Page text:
With Ireland's trip to Copenhagen expected to be a "tough" affair for both parties - to the degree where Roy Keane said the word "tough" 16 times while addressing the media on Tuesday, we counted - every little detail is going to be crucial as two nations battle it out for a spot at next summer's World Cup.
Peter Schmeichel was in Dublin on Thursday to give the opposition view as we edge closer to kickoff, and while he agreed with his former teammate in the sense that it will be a tough game, he also believes that the Danes are the more physical side.
There aren't many teams in international football that rely on physical strength to provide a route to success as much as Ireland, but Schmeichel reckons Denmark are well equipped to get the better of the physical exchanges.
I actually think we are the more physical side. I actually think that. I'll tell you why: we have 'the towers'. We've got [Andreas] Cornelius, we've got Nicklas Bendtner, we've got [Yusuf] Poulsen - they're big, tall, strong players.
We have that kind of physicality. We put the ball up there, head it in if we could, and if not, we fight for the second ball. And that's the kind of style that we've been playing towards in the last couple of months, and it's been with some success as well.
The legendary goalie singled out defender Simon Kjaer as someone who is strong and will fight for every ball, and he's confident that the Sevilla man is in no danger of missing the game through injury as had been suggested.
He also mentioned that Denmark would be at a disadvantage due to the state of the Parken Stadium pitch.
Schmeichel claims that he noticed the pitch in terrible condition while attending the Copenhagen derby last weekend, and believes that it has been detrimental to the national team's game for some time.
We had Rolling Stones last month, and after that they had to re-lay the pitch. I watched the local derby on Sunday, FC Copenhagen vs Brondby, the pitch is terrible.
The pitch has always been a problem and it is a great disadvantage for Denmark, always has been.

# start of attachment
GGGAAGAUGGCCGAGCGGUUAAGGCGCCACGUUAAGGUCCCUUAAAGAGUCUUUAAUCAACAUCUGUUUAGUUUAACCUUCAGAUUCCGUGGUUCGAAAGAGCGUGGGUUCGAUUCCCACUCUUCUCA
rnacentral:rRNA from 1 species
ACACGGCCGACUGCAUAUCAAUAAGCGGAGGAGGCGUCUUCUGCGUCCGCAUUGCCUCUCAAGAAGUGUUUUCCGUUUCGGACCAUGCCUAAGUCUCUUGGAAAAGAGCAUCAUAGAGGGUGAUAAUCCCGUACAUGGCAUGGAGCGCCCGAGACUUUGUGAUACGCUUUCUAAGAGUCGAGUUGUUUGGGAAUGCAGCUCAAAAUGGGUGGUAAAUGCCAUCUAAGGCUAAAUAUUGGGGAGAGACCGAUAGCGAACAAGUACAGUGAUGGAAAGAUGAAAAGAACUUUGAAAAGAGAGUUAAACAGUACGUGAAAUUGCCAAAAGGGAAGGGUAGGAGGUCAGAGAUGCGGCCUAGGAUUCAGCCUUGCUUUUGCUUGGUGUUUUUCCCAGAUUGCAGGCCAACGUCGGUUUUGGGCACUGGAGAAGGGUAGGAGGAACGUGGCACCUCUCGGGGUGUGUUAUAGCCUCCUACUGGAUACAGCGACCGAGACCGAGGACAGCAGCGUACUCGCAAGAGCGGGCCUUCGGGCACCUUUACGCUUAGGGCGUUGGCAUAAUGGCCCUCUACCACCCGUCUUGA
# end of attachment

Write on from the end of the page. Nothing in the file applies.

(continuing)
I hope they get the pitch right, it's had a week, unfortunately it's a concert venue in there too so every time they have a concert they have to re-lay the pitch, and that doesn't make for a good pitch - it's firm, it looked really, really bad on Sunday, so hopefully it's alright.
It's an interesting take, one we hadn't heard in the build-up to the match thus far. Most will remember the standard of the pitch - or what little we saw of it - when Ireland played Bosnia in the Euro 2016 playoffs, but from checking the highlights of that match between FC Copenhagen and Brondby it doesn't appear to be quite as poor.
Martin O'Neill's men will be training on the pitch later today, so if there is a problem we will surely hear about it.
Schmeichel did knock back the suggestion that Christian Eriksen's style of play would suffer in particular, stating that he is used to the pitch at this stage as he prepares to make his 74th cap.
Carlsberg are giving travelling fans a warm Irish welcome to Copenhagen, allowing them to experience match day ‘The Danish Way’. Brewed the Danish way for over 150 years, but supporters of the Republic of Ireland football team for 20 years, Carlsberg has partnered with the FAI to give every Irish football fan in Copenhagen with an Irish passport, a free pass to the Carlsberg Experience and a free pint to enjoy before the away playoff game against Denmark. Check out facebook.com/Carlsberg for more details.